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26 June, 2024
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Amsterdam launches 'Stay Away' campaign to discourage types of tourism

Research conducted by the government showed that a total of 58 percent of foreign travelers visiting the capital chose this city for the purpose to consume drugs

Source: Schengen Visa Info

Authorities in the Netherlands have decided to introduce in Amsterdam a new campaign called “Stay Away”, in order to discourage specific kinds of tourism.

The new decision comes following the Netherlands’ capital liberal laws related to drugs, alcohol and sex, which have created this city a reputation that anything goes, reports.

According to local media reports, international visitors have taken advantage of such an image of this city, thus creating new problems for this city.

In this regard, the Deputy Mayor of Amsterdam, Sofyan Mbarki, has emphasized the importance of such a decision.

“Action is needed to prevent nuisance and overcrowding. Amsterdam is a world city, and bustle and liveliness come along with this, but to keep our city liveable, we need to choose limits instead of irresponsible growth,” Mbarki pointed out in this regard.

It is reported that Amsterdam welcomes over 20 million foreign visitors each year, making this city among the most famous cities in Europe. However, through a recent campaign authorities in Amsterdam are attempting to reduce the number of travelers in spring next year, discouraging some famous recreational activities.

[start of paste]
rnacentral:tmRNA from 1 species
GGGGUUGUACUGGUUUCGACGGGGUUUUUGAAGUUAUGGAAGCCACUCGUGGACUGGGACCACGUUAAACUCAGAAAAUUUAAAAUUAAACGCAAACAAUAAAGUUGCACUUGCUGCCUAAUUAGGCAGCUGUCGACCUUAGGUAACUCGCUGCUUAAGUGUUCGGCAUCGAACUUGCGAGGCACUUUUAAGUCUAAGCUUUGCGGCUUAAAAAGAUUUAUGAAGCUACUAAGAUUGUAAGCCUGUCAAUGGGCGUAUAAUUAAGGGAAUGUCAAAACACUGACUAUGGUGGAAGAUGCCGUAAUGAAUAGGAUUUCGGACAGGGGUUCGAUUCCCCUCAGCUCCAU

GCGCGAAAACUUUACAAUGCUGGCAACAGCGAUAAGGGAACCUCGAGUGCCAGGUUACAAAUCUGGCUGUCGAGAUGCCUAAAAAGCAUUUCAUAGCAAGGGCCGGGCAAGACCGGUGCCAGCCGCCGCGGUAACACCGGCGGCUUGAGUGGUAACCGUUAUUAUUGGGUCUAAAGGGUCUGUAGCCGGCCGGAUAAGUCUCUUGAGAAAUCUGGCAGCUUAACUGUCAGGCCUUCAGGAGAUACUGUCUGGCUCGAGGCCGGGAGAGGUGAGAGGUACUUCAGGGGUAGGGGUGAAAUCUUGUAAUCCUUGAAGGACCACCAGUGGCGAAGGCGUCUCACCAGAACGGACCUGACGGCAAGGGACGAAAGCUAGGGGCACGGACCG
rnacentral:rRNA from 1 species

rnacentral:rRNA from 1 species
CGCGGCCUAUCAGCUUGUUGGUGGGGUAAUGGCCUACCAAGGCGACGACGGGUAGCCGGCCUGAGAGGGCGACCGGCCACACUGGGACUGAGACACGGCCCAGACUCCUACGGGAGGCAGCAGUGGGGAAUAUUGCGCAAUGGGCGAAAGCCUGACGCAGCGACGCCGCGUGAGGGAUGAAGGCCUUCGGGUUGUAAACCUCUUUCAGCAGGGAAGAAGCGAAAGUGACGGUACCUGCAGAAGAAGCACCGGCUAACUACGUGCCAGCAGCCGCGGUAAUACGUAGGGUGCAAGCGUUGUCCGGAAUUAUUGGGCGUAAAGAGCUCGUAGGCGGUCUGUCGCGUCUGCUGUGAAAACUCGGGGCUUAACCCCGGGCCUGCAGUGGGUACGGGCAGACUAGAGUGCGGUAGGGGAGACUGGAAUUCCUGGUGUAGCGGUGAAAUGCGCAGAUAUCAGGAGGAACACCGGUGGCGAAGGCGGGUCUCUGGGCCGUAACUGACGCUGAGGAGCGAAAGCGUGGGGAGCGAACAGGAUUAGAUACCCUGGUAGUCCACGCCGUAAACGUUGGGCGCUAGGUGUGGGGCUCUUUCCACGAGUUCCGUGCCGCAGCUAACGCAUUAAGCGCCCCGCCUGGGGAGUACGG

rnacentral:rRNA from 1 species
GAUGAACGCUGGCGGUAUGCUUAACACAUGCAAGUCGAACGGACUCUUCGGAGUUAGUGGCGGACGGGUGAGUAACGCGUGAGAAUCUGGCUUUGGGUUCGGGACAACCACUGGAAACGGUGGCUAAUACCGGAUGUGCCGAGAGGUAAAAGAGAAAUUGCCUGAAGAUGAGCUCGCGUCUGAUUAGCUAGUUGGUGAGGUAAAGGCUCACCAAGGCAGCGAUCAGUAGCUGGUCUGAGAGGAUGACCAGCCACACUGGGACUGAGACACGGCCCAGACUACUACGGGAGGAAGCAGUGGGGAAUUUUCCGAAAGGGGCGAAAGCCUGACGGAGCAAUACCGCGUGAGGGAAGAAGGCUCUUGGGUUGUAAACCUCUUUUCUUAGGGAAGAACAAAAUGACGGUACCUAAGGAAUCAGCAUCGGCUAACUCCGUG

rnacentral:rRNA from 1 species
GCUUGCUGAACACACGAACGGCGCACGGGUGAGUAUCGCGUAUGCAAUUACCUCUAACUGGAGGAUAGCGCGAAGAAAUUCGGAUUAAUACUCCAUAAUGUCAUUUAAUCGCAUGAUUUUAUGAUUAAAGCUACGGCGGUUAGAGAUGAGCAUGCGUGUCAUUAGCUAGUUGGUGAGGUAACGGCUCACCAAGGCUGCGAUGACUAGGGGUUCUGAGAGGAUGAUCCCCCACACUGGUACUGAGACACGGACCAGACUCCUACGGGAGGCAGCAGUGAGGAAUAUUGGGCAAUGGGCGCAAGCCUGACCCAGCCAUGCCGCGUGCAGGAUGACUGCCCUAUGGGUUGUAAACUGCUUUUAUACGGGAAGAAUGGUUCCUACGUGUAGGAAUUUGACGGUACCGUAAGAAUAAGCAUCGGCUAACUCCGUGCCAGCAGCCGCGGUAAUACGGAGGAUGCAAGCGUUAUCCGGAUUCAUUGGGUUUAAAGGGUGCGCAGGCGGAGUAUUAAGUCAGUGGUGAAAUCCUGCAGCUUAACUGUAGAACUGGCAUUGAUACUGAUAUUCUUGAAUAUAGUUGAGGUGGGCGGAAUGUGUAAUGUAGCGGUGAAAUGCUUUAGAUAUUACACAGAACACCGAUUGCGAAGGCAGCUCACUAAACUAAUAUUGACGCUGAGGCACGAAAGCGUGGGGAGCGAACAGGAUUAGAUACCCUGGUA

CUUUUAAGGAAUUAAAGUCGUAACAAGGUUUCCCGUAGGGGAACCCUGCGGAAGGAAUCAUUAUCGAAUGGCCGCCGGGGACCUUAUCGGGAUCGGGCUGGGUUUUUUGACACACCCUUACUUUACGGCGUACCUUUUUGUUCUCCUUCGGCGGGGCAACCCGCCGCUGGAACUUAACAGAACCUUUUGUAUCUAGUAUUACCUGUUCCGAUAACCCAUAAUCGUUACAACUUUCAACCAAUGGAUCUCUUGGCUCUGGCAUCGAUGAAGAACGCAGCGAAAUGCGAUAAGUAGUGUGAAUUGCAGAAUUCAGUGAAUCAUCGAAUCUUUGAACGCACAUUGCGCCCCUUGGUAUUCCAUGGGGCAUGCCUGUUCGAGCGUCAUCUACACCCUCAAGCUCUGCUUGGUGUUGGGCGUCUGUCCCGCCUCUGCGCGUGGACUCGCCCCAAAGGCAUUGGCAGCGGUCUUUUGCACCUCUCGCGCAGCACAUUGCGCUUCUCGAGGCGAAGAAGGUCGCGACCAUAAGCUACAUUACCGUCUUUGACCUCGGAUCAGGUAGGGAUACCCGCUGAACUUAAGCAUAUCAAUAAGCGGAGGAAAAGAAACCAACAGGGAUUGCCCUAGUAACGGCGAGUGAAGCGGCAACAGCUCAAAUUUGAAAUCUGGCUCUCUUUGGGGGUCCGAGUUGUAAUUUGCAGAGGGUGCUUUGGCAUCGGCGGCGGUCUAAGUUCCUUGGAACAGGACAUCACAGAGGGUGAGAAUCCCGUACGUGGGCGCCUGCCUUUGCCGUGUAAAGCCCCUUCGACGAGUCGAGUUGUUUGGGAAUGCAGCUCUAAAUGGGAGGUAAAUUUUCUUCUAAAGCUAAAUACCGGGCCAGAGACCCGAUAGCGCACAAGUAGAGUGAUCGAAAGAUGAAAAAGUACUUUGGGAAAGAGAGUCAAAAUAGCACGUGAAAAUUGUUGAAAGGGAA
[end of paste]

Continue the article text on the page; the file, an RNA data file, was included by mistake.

It has been emphasized that the following types of visitors will not be permitted to enter the Dutch capital:

-Cannabis and Drug Tourists
-Batchelor Parties
-Sex Tourists

However, despite the curbs imposed on travelers from the above-mentioned categories, authorities in Amsterdam continue to keep their doors open to other visitors. It has been reported that visitors that are welcomed are those who make a positive contribution to the city.

Earlier this year, Amsterdam’s Mayor Femke Halsema stressed that the city is planning to close cannabis cafes or coffee shops in order to keep the local soft drugs market under control.

“Many of the major problems in the city are fueled by the cannabis market: from nuisance caused by drug tourism to serious crime and violence. Banning sales to tourists is a necessary intervention… and the first step towards regulation,” she stressed, according to a report provided by Dutch News.

According to research made by local authorities, only 66 of 166 licensed coffee shops in the Dutch capital are needed to meet the local demand.

Officials in Amsterdam have continuously attempted to find effective solutions to this problem after Amsterdam is among the most famous destinations in Europe.

Halsema previously said that research conducted by the government of the Netherlands showed that a total of 58 percent of foreign travelers who reached the country’s capital, chose this city for the purpose to consume drugs.

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